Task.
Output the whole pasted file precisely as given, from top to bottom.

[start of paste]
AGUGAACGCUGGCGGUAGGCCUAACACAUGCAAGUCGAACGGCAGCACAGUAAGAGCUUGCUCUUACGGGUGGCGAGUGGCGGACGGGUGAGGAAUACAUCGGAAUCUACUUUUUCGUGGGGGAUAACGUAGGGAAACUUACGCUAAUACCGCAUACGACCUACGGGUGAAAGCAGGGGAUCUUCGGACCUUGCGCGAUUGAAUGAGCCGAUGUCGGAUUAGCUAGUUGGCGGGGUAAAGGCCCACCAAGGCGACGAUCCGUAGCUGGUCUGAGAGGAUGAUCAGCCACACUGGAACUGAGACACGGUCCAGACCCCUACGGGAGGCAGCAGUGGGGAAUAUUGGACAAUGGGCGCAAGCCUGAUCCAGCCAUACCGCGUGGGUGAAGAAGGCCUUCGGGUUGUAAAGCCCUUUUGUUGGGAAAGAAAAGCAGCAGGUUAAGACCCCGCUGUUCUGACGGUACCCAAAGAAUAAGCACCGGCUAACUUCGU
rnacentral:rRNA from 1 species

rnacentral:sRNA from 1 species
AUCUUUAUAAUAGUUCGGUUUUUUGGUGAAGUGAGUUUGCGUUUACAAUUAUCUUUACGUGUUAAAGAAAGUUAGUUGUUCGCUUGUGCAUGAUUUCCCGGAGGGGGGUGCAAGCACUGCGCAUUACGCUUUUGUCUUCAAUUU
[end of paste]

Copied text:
AGUGAACGCUGGCGGUAGGCCUAACACAUGCAAGUCGAACGGCAGCACAGUAAGAGCUUGCUCUUACGGGUGGCGAGUGGCGGACGGGUGAGGAAUACAUCGGAAUCUACUUUUUCGUGGGGGAUAACGUAGGGAAACUUACGCUAAUACCGCAUACGACCUACGGGUGAAAGCAGGGGAUCUUCGGACCUUGCGCGAUUGAAUGAGCCGAUGUCGGAUUAGCUAGUUGGCGGGGUAAAGGCCCACCAAGGCGACGAUCCGUAGCUGGUCUGAGAGGAUGAUCAGCCACACUGGAACUGAGACACGGUCCAGACCCCUACGGGAGGCAGCAGUGGGGAAUAUUGGACAAUGGGCGCAAGCCUGAUCCAGCCAUACCGCGUGGGUGAAGAAGGCCUUCGGGUUGUAAAGCCCUUUUGUUGGGAAAGAAAAGCAGCAGGUUAAGACCCCGCUGUUCUGACGGUACCCAAAGAAUAAGCACCGGCUAACUUCGU
rnacentral:rRNA from 1 species

rnacentral:sRNA from 1 species
AUCUUUAUAAUAGUUCGGUUUUUUGGUGAAGUGAGUUUGCGUUUACAAUUAUCUUUACGUGUUAAAGAAAGUUAGUUGUUCGCUUGUGCAUGAUUUCCCGGAGGGGGGUGCAAGCACUGCGCAUUACGCUUUUGUCUUCAAUUU